abstract = "Purpose: The purpose of this paper is to investigate the relation between industrial concentration and technical inefficiency in the Indonesian food and beverages industry using a dynamic performance measure (dynamic technical inefficiency) that accounts for the presence of adjustment costs. Design/methodology/approach: This research uses panel data of 44 subsectors in the Indonesian food and beverages industry for the period 1980-2014. The dynamic input directional distance function is applied to estimate the dynamic technical inefficiency. Further, the Granger causality between industrial concentration and dynamic technical inefficiency is tested using a dynamic panel data model. A bootstrap truncated regression model is finally applied to estimate the relation between industrial concentration and dynamic technical inefficiency based on the results from the Granger causality test. Findings: The results show that the Indonesian food and beverages industry has a high dynamic technical inefficiency. Investigation of the causality of the relation shows that industrial concentration has a positive effect on dynamic technical inefficiency at the subsector level, with no reversed causality. The results suggest that the quiet life hypothesis applies to the Indonesian food and beverages industry. Originality/value: The literature investigating the relation between industrial concentration and performance relies on static measures of performance, such as technical efficiency. Static measures provide an incorrect metric of the firms’ performance in the presence of adjustment costs associated with investment. Therefore, this research has a contribution in measuring dynamic technical inefficiency that accounts for the presence of the adjustment cost as well as its relation with industrial concentration in the Indonesian food and beverages industry.",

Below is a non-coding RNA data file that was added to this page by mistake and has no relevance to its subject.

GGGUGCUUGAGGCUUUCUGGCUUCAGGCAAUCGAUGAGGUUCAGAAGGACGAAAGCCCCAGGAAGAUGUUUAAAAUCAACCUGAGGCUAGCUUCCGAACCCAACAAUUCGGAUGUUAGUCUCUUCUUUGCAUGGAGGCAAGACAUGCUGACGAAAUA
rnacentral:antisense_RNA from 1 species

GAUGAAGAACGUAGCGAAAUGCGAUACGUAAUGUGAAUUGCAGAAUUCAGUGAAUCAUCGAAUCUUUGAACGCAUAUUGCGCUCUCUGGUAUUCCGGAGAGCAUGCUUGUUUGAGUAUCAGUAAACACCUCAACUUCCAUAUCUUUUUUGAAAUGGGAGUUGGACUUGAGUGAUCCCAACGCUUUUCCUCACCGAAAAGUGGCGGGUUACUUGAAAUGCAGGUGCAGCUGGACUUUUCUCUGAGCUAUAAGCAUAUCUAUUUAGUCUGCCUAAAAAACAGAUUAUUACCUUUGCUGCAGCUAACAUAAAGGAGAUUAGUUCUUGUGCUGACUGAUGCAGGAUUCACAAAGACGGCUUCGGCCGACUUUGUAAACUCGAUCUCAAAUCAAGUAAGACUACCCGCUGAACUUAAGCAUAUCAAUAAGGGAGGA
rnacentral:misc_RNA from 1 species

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Dynamic technical inefficiency and industrial concentration in the Indonesian food and beverages industry. / Setiawan, Maman; Oude Lansink, Alfons G.J.M.

In: British Food Journal, Vol. 120, No. 1, 2018, p. 108-119.

Research output: Contribution to journalArticleAcademicpeer-review

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AB - Purpose: The purpose of this paper is to investigate the relation between industrial concentration and technical inefficiency in the Indonesian food and beverages industry using a dynamic performance measure (dynamic technical inefficiency) that accounts for the presence of adjustment costs. Design/methodology/approach: This research uses panel data of 44 subsectors in the Indonesian food and beverages industry for the period 1980-2014. The dynamic input directional distance function is applied to estimate the dynamic technical inefficiency. Further, the Granger causality between industrial concentration and dynamic technical inefficiency is tested using a dynamic panel data model. A bootstrap truncated regression model is finally applied to estimate the relation between industrial concentration and dynamic technical inefficiency based on the results from the Granger causality test. Findings: The results show that the Indonesian food and beverages industry has a high dynamic technical inefficiency. Investigation of the causality of the relation shows that industrial concentration has a positive effect on dynamic technical inefficiency at the subsector level, with no reversed causality. The results suggest that the quiet life hypothesis applies to the Indonesian food and beverages industry. Originality/value: The literature investigating the relation between industrial concentration and performance relies on static measures of performance, such as technical efficiency. Static measures provide an incorrect metric of the firms’ performance in the presence of adjustment costs associated with investment. Therefore, this research has a contribution in measuring dynamic technical inefficiency that accounts for the presence of the adjustment cost as well as its relation with industrial concentration in the Indonesian food and beverages industry.